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What Does a Winemaker Do?

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  • Written By: Dan Cavallari
  • Edited By: Bronwyn Harris
  • Last Modified Date: 05 November 2016
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A winemaker oversees and participates in the production of wine. He or she may operate on different levels of production: a home winemaker, for example, may only make small batches of wine and use the wine for personal use only; larger winemakers may produce larger quantities of wine and distribute that wine for sale regionally, nationally, or even worldwide. The process of making wine is complex and time consuming, not to mention exceptionally expensive on larger scales, so winemakers must be well educated in the process and must be able to troubleshoot, problem solve, and test the wine throughout the process.

One of the first responsibilities of the winemaker is to work with a vineyard to monitor the maturation of grapes. The winemaker must then be selective in grape harvests, working with vineyard managers to ensure the plants remain healthy before, during, and after the harvest. Once the grapes have been harvested, the winemaker's responsibilities only grow: he or she must monitor the transport of the grapes when applicable, the crushing or pressing of the grapes, and the fermentation processes. He or she will also be responsible for blending different grapes to achieve the desired flavor of the finished product.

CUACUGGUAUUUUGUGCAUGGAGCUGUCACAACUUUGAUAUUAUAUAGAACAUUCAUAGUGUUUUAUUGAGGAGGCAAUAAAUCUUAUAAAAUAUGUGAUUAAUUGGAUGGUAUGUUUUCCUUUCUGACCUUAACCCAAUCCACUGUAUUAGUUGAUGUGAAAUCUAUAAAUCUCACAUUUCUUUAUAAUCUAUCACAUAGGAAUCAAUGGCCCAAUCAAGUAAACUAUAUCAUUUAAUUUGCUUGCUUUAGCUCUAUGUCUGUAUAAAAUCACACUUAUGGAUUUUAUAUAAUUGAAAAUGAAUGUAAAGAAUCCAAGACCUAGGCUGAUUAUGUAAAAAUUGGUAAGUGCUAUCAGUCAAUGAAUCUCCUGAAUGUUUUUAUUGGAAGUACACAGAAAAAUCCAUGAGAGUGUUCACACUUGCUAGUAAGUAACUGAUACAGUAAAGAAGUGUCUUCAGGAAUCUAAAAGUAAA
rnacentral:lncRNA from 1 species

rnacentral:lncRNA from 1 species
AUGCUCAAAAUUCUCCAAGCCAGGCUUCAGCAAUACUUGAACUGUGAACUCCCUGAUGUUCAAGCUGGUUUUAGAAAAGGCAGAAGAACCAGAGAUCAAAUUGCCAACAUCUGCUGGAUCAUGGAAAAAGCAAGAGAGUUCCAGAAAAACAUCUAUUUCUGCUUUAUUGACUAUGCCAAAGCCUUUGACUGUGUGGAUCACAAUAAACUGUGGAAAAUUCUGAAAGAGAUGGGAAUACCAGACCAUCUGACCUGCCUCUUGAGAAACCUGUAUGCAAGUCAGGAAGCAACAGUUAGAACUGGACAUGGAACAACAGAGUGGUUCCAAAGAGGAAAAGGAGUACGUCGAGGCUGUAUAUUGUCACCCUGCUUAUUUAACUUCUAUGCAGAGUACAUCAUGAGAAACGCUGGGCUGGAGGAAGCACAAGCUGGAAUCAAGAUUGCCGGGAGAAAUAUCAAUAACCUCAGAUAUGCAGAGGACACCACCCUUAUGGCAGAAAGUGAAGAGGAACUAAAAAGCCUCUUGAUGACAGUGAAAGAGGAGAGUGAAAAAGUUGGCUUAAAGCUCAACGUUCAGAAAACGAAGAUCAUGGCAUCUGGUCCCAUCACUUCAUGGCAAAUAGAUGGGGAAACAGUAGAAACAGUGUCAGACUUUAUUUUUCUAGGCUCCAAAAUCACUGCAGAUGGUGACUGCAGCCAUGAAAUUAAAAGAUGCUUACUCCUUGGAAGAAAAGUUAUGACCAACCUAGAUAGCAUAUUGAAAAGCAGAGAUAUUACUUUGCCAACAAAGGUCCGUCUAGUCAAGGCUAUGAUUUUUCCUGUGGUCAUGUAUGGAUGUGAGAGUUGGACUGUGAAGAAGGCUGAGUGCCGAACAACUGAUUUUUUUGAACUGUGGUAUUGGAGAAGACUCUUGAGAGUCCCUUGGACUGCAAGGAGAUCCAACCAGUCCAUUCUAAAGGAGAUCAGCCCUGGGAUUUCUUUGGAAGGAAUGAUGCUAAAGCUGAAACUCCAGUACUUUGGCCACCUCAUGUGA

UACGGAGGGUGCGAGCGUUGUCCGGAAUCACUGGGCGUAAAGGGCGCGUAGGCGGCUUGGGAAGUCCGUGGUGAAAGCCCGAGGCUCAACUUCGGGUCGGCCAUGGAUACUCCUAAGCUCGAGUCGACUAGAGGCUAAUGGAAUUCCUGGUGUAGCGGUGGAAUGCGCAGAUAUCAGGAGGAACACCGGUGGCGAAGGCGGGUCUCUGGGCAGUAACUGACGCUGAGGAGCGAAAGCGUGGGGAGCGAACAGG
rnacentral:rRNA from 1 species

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Other processes the winemaker is likely to oversee include the storage process, bottling process, and even the marketing process. The winemaker will need to ensure the quality of the wine is preserved during its maturation, shipping, and even its sale in markets. He or she will also need to test the wine regularly throughout the maturation process and make adjustments accordingly to ensure the best flavor once the wine is ready for consumption. The branding and marketing of the wine may or may not be one of his or her responsibilities, though many smaller, independent operations require the input and effort of the winemaker to build the brand name.

Wineries will often hire winemakers to tend to the winemaking processes, while in other cases, the winemaking operation may be small and independent. Winemakers may work on their own to produce wine, though it is likely the wine in such cases will only be produced in extremely small volumes. Winemaking is an extremely expensive endeavor that requires a significant amount of equipment, storage space, and workers, so it is not especially common for independent winemakers to produce wine without the support of a larger winery or vineyard. Some winemakers can purchase grapes from a vineyard and make wine on a small scale with less of an investment of money, though this is not a common path.

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